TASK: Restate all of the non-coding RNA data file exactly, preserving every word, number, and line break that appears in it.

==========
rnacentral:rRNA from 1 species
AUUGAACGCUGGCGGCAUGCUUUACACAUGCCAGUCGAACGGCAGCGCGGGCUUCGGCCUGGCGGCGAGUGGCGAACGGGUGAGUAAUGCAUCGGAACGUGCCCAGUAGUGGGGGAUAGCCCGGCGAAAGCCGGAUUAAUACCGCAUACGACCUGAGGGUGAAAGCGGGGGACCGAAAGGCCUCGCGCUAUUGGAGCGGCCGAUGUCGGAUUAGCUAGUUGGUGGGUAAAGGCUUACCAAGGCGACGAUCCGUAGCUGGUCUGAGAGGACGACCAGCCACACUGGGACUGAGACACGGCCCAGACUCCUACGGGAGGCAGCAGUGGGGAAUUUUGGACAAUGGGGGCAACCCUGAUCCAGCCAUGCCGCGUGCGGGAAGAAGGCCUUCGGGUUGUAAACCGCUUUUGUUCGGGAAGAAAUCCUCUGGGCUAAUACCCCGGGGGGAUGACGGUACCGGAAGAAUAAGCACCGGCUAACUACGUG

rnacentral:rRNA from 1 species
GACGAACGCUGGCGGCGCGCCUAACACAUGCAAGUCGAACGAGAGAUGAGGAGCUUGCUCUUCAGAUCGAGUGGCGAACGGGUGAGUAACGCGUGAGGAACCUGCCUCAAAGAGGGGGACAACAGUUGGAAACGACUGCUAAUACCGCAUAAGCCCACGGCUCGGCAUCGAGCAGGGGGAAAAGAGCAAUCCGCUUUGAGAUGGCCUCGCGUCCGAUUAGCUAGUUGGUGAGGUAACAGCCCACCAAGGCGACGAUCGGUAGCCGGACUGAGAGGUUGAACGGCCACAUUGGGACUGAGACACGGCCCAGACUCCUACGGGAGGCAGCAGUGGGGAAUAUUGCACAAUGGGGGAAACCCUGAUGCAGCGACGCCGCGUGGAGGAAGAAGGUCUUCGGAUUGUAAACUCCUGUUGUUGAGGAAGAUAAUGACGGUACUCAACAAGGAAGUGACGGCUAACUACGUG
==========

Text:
rnacentral:rRNA from 1 species
AUUGAACGCUGGCGGCAUGCUUUACACAUGCCAGUCGAACGGCAGCGCGGGCUUCGGCCUGGCGGCGAGUGGCGAACGGGUGAGUAAUGCAUCGGAACGUGCCCAGUAGUGGGGGAUAGCCCGGCGAAAGCCGGAUUAAUACCGCAUACGACCUGAGGGUGAAAGCGGGGGACCGAAAGGCCUCGCGCUAUUGGAGCGGCCGAUGUCGGAUUAGCUAGUUGGUGGGUAAAGGCUUACCAAGGCGACGAUCCGUAGCUGGUCUGAGAGGACGACCAGCCACACUGGGACUGAGACACGGCCCAGACUCCUACGGGAGGCAGCAGUGGGGAAUUUUGGACAAUGGGGGCAACCCUGAUCCAGCCAUGCCGCGUGCGGGAAGAAGGCCUUCGGGUUGUAAACCGCUUUUGUUCGGGAAGAAAUCCUCUGGGCUAAUACCCCGGGGGGAUGACGGUACCGGAAGAAUAAGCACCGGCUAACUACGUG

rnacentral:rRNA from 1 species
GACGAACGCUGGCGGCGCGCCUAACACAUGCAAGUCGAACGAGAGAUGAGGAGCUUGCUCUUCAGAUCGAGUGGCGAACGGGUGAGUAACGCGUGAGGAACCUGCCUCAAAGAGGGGGACAACAGUUGGAAACGACUGCUAAUACCGCAUAAGCCCACGGCUCGGCAUCGAGCAGGGGGAAAAGAGCAAUCCGCUUUGAGAUGGCCUCGCGUCCGAUUAGCUAGUUGGUGAGGUAACAGCCCACCAAGGCGACGAUCGGUAGCCGGACUGAGAGGUUGAACGGCCACAUUGGGACUGAGACACGGCCCAGACUCCUACGGGAGGCAGCAGUGGGGAAUAUUGCACAAUGGGGGAAACCCUGAUGCAGCGACGCCGCGUGGAGGAAGAAGGUCUUCGGAUUGUAAACUCCUGUUGUUGAGGAAGAUAAUGACGGUACUCAACAAGGAAGUGACGGCUAACUACGUG